Right Barfeed For The Job

In today's competitive marketplace customers demand products that are better, cheaper and delivered faster. This, of course, means manufacturers constantly struggle to improve both productivity and product quality.


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In today's competitive marketplace customers demand products that are better, cheaper and delivered faster. This, of course, means manufacturers constantly struggle to improve both productivity and product quality.

Fifty-year-old Norman Noble, Inc. (Highland Heights, Ohio) manufactures a variety of close tolerance products for aerospace, energy, medical, telecommunications and other demanding customers. Many are proprietary, and some are developmental. This means production runs range from one-offs to tens of thousands of pieces.

"Obviously this flexibility requires our skilled machine operators to apply their talents in the right place at the right time," says Gary Thomas, director of operations for Norman Noble. "For large volume runs, this means as much unattended production as possible by using high precision Swiss-type machines matched with stable, reliable barfeeders."

To achieve the proper marriage of screw machines to bar feeding equipment, Norman Noble, Inc. considered several factors, including the size and type of bar stock involved, nature of the products being machined and run volumes.

"One key for us is flexibility," says Scott Rymer, manufacturing engineer for Norman Noble's Swiss business unit, "and the other is reliability. Our bar feeders must give us the versatility we need to efficiently make the wide range of products our customers demand.

"You really need to do your homework when selecting barfeeders," he adds. "There are a lot of considerations involved, so make sure you nail down your requirements and that you get accurate information about barfeed options." After Norman Noble researched which barfeeders would work best, it chose those from LNS America (Cincinnati, Ohio). "We worked closely with the applications people from LNS America," Mr. Rymer says. "They had the range of equipment and the technical expertise we needed."

Norman Noble has 14 Swiss-type machines in operation. Each is matched with a specific LNS America barfeeder. Among the models in use are the Hydrobar and Hydrobar Express hydraulic, automatic loaders and the Tryton and Mini Sprint automatic barfeed magazines. "Some of these stations let us easily run a variety of parts, while others give us the barfeed capacity to operate ‘lights out' unattended high volume runs," Mr. Rymer says.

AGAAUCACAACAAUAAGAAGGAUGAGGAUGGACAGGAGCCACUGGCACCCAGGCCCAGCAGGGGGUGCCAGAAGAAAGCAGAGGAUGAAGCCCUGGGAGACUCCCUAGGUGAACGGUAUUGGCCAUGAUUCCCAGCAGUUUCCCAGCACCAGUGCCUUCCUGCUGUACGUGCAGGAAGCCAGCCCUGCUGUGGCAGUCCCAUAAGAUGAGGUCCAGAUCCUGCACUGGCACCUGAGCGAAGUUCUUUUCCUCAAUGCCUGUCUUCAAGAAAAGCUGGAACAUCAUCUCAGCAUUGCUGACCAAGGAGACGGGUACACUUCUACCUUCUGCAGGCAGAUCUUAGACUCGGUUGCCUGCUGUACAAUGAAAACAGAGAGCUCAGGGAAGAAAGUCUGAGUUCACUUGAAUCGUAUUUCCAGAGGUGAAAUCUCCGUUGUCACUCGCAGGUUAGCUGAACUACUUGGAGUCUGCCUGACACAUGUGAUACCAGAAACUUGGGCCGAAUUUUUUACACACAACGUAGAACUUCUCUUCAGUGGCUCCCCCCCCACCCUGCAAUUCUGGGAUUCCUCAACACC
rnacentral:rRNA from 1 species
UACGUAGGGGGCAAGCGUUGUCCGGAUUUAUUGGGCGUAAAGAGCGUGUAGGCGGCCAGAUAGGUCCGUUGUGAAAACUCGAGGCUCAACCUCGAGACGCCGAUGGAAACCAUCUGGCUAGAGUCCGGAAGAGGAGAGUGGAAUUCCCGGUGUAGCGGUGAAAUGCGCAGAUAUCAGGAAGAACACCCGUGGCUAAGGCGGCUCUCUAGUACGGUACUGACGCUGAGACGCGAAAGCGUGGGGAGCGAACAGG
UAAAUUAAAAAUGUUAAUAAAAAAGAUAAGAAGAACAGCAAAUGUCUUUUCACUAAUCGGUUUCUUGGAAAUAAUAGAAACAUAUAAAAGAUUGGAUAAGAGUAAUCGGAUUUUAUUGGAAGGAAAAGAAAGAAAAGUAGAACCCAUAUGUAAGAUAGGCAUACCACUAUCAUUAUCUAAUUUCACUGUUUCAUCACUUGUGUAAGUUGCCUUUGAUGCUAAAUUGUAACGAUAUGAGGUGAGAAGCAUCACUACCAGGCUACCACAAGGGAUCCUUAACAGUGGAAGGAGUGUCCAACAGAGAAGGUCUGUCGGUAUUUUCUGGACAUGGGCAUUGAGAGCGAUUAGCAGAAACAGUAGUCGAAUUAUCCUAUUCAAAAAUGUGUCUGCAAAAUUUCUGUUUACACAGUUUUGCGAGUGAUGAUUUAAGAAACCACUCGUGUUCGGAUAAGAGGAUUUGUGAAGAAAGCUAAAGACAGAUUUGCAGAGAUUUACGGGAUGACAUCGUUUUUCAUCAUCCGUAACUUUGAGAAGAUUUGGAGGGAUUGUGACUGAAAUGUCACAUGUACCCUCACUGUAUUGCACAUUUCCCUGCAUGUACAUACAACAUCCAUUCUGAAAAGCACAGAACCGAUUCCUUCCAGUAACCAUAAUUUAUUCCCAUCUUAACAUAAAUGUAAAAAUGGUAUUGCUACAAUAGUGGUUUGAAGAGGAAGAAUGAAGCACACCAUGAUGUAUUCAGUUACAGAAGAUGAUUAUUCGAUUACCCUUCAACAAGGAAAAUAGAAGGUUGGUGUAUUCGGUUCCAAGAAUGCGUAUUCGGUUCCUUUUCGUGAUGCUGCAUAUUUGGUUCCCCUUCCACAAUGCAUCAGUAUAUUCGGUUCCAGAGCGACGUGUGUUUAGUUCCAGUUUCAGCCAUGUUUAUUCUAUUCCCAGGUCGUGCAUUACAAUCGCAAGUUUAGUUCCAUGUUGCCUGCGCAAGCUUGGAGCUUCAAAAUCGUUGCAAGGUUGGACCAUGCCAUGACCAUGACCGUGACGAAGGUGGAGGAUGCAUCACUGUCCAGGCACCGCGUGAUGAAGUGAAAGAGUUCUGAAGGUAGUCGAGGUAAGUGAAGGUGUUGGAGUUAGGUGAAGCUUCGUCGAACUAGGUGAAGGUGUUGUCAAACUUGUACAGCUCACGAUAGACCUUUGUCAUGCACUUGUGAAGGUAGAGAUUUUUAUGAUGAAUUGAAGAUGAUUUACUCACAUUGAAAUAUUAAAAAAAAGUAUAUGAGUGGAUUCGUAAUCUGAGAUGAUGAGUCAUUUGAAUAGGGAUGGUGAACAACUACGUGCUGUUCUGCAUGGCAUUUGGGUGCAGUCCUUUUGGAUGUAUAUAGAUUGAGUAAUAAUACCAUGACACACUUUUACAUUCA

"We see this ability to efficiently produce close tolerance parts in both small and large quantities as a great competitive edge. It gives us a niche few others can claim.

"Of course, to do this properly you need both high precision screw machines and a stable barfeed system. All of the LNS America units we have are designed to keep vibrations out of the spindles so we can stay within customer-required tolerances. These barfeeders are also easy to learn and use, so we save a lot of operator time setting up runs."

Mr. Thomas says better worker usage and improved uptime improve operating efficiency 30 to 40 percent. "The LNS America barfeeders are extremely reliable," he says.

Not too many years ago manufacturers would tell customers, "Sure you can have your products faster, cheaper or better. Pick any two." Today customers demand—and get—all three, or they find new suppliers. Companies such as Norman Noble, Inc. recognize this and rise to the challenge by applying technology to improve operating efficiency and product quality.

As Mr. Thomas says, "The more efficient we are, the better we satisfy our customers, and the more successful we become."

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